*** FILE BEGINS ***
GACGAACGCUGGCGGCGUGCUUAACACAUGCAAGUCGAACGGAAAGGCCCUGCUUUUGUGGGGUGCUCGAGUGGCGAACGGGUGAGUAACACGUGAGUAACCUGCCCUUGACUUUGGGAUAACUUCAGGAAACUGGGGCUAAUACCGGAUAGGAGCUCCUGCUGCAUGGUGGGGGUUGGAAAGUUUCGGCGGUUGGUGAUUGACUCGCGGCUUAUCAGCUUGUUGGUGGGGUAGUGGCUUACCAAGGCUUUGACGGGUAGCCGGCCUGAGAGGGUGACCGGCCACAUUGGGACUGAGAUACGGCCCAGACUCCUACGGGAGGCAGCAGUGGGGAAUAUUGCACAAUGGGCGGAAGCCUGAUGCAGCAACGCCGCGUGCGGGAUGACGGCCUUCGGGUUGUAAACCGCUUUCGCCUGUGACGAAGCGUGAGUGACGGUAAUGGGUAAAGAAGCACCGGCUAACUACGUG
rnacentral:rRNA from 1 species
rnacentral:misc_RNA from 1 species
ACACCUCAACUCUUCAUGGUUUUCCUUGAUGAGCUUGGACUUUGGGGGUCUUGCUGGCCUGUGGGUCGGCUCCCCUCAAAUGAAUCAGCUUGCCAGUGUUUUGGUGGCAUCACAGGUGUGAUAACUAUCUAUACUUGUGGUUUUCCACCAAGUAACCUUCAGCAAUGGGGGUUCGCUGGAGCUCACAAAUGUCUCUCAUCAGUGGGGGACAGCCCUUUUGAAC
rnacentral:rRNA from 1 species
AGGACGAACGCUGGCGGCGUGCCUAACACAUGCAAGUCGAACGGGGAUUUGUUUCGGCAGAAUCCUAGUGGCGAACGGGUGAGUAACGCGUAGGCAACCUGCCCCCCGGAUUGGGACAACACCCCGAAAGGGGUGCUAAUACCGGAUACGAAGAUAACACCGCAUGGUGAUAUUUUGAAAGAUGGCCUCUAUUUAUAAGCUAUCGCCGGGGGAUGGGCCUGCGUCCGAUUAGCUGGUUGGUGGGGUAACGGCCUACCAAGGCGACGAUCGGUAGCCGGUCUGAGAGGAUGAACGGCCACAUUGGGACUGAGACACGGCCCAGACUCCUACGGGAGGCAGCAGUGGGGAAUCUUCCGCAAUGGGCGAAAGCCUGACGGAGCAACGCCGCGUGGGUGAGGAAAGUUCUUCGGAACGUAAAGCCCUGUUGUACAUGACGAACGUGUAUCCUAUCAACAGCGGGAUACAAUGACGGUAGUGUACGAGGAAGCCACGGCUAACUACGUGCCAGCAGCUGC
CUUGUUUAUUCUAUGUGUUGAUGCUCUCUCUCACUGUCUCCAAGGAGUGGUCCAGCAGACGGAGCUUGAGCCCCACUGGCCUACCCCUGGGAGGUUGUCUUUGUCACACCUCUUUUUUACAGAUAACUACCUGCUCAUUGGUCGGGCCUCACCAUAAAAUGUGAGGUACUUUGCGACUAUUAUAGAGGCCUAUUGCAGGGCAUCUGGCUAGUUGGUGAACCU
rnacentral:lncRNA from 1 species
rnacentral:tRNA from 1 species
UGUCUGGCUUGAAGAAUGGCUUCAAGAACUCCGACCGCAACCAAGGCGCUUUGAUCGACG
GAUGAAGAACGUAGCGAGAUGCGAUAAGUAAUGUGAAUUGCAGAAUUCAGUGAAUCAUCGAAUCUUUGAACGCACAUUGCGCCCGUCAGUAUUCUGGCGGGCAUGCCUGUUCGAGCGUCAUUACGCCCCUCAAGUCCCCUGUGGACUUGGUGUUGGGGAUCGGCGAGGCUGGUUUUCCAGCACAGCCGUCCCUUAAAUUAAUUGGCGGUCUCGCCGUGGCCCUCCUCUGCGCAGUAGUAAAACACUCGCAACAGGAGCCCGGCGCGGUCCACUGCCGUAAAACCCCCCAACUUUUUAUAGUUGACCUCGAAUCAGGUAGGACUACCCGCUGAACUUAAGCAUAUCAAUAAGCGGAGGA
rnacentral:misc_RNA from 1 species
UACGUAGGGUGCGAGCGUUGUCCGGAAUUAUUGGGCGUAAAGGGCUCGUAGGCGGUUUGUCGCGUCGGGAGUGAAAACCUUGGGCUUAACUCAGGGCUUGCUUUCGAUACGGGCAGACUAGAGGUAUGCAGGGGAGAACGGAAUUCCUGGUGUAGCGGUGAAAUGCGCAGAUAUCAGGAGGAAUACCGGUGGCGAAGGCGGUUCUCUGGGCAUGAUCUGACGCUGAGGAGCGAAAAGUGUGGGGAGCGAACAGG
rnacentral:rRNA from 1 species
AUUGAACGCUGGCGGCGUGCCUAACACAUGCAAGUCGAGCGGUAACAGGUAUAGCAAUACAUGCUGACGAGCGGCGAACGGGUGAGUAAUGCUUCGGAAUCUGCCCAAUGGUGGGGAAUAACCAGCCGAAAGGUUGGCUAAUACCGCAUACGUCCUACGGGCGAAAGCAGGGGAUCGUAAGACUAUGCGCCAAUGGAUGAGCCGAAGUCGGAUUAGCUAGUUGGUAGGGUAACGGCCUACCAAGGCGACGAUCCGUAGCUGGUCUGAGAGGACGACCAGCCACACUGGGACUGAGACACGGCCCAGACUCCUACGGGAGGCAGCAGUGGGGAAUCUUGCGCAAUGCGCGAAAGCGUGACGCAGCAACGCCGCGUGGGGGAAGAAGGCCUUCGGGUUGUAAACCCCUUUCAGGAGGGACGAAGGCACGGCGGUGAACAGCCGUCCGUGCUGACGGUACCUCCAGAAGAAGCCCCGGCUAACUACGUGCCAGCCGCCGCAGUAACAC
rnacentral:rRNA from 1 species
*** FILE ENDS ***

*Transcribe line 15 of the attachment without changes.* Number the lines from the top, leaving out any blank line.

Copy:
AUUGAACGCUGGCGGCGUGCCUAACACAUGCAAGUCGAGCGGUAACAGGUAUAGCAAUACAUGCUGACGAGCGGCGAACGGGUGAGUAAUGCUUCGGAAUCUGCCCAAUGGUGGGGAAUAACCAGCCGAAAGGUUGGCUAAUACCGCAUACGUCCUACGGGCGAAAGCAGGGGAUCGUAAGACUAUGCGCCAAUGGAUGAGCCGAAGUCGGAUUAGCUAGUUGGUAGGGUAACGGCCUACCAAGGCGACGAUCCGUAGCUGGUCUGAGAGGACGACCAGCCACACUGGGACUGAGACACGGCCCAGACUCCUACGGGAGGCAGCAGUGGGGAAUCUUGCGCAAUGCGCGAAAGCGUGACGCAGCAACGCCGCGUGGGGGAAGAAGGCCUUCGGGUUGUAAACCCCUUUCAGGAGGGACGAAGGCACGGCGGUGAACAGCCGUCCGUGCUGACGGUACCUCCAGAAGAAGCCCCGGCUAACUACGUGCCAGCCGCCGCAGUAACAC